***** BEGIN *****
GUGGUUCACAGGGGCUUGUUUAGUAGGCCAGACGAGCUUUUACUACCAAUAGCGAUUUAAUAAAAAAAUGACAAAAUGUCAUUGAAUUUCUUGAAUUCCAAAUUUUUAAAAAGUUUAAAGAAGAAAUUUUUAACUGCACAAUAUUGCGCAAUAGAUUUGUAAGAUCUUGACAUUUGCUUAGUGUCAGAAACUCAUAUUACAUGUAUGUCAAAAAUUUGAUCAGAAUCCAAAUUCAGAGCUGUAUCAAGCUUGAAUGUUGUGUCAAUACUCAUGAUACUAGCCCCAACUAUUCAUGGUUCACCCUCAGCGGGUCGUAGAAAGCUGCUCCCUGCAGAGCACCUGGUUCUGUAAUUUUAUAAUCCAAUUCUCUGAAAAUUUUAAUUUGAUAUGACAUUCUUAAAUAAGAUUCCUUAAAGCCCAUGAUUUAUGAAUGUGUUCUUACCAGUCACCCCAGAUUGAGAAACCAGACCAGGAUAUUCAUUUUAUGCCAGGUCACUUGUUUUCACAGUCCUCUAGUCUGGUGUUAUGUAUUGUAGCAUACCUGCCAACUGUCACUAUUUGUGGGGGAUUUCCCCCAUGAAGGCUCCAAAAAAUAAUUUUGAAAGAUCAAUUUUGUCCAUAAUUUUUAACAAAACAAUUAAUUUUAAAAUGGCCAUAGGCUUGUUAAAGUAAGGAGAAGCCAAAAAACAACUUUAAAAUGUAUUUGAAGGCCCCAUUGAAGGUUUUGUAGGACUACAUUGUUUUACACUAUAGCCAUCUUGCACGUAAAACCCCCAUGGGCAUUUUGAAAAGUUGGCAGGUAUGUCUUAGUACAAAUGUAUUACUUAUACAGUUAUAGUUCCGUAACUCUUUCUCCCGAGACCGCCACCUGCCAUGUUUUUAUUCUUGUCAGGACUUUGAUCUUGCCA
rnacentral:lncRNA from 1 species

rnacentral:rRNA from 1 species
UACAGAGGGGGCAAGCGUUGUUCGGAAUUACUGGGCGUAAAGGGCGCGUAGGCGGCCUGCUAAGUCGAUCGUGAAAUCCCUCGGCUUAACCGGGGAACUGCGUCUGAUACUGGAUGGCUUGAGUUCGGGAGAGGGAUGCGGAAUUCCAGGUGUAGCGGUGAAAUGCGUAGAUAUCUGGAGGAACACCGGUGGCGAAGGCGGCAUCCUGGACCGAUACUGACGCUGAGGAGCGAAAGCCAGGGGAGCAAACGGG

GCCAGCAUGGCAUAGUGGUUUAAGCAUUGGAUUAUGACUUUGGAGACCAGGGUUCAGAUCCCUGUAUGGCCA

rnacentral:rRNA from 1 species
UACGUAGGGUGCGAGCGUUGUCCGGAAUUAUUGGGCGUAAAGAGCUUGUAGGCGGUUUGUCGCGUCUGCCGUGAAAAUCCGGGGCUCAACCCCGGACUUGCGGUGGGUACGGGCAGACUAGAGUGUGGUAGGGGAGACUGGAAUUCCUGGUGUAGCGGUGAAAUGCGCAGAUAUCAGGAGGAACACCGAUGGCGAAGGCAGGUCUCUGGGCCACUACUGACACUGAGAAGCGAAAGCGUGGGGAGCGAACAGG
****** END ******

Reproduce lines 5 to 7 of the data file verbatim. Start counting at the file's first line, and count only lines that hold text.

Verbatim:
GCCAGCAUGGCAUAGUGGUUUAAGCAUUGGAUUAUGACUUUGGAGACCAGGGUUCAGAUCCCUGUAUGGCCA

rnacentral:rRNA from 1 species
UACGUAGGGUGCGAGCGUUGUCCGGAAUUAUUGGGCGUAAAGAGCUUGUAGGCGGUUUGUCGCGUCUGCCGUGAAAAUCCGGGGCUCAACCCCGGACUUGCGGUGGGUACGGGCAGACUAGAGUGUGGUAGGGGAGACUGGAAUUCCUGGUGUAGCGGUGAAAUGCGCAGAUAUCAGGAGGAACACCGAUGGCGAAGGCAGGUCUCUGGGCCACUACUGACACUGAGAAGCGAAAGCGUGGGGAGCGAACAGG